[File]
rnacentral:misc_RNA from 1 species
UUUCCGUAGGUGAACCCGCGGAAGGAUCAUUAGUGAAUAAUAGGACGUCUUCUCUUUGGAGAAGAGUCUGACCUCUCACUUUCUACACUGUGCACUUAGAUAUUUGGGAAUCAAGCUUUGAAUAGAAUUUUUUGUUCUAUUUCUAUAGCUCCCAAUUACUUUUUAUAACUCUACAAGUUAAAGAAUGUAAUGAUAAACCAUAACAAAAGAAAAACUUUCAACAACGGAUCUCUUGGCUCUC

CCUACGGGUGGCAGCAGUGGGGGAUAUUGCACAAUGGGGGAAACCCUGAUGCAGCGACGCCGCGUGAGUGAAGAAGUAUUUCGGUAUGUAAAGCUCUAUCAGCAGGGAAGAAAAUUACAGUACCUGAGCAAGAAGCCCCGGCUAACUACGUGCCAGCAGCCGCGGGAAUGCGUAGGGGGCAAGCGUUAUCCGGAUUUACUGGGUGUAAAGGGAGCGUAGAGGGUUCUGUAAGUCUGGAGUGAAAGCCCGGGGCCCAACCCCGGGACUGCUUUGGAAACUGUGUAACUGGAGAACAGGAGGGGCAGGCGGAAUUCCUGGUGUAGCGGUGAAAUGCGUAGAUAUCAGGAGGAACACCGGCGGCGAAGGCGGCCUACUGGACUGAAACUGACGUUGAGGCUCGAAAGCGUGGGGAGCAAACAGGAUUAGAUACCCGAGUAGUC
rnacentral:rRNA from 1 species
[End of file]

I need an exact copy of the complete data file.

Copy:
rnacentral:misc_RNA from 1 species
UUUCCGUAGGUGAACCCGCGGAAGGAUCAUUAGUGAAUAAUAGGACGUCUUCUCUUUGGAGAAGAGUCUGACCUCUCACUUUCUACACUGUGCACUUAGAUAUUUGGGAAUCAAGCUUUGAAUAGAAUUUUUUGUUCUAUUUCUAUAGCUCCCAAUUACUUUUUAUAACUCUACAAGUUAAAGAAUGUAAUGAUAAACCAUAACAAAAGAAAAACUUUCAACAACGGAUCUCUUGGCUCUC

CCUACGGGUGGCAGCAGUGGGGGAUAUUGCACAAUGGGGGAAACCCUGAUGCAGCGACGCCGCGUGAGUGAAGAAGUAUUUCGGUAUGUAAAGCUCUAUCAGCAGGGAAGAAAAUUACAGUACCUGAGCAAGAAGCCCCGGCUAACUACGUGCCAGCAGCCGCGGGAAUGCGUAGGGGGCAAGCGUUAUCCGGAUUUACUGGGUGUAAAGGGAGCGUAGAGGGUUCUGUAAGUCUGGAGUGAAAGCCCGGGGCCCAACCCCGGGACUGCUUUGGAAACUGUGUAACUGGAGAACAGGAGGGGCAGGCGGAAUUCCUGGUGUAGCGGUGAAAUGCGUAGAUAUCAGGAGGAACACCGGCGGCGAAGGCGGCCUACUGGACUGAAACUGACGUUGAGGCUCGAAAGCGUGGGGAGCAAACAGGAUUAGAUACCCGAGUAGUC
rnacentral:rRNA from 1 species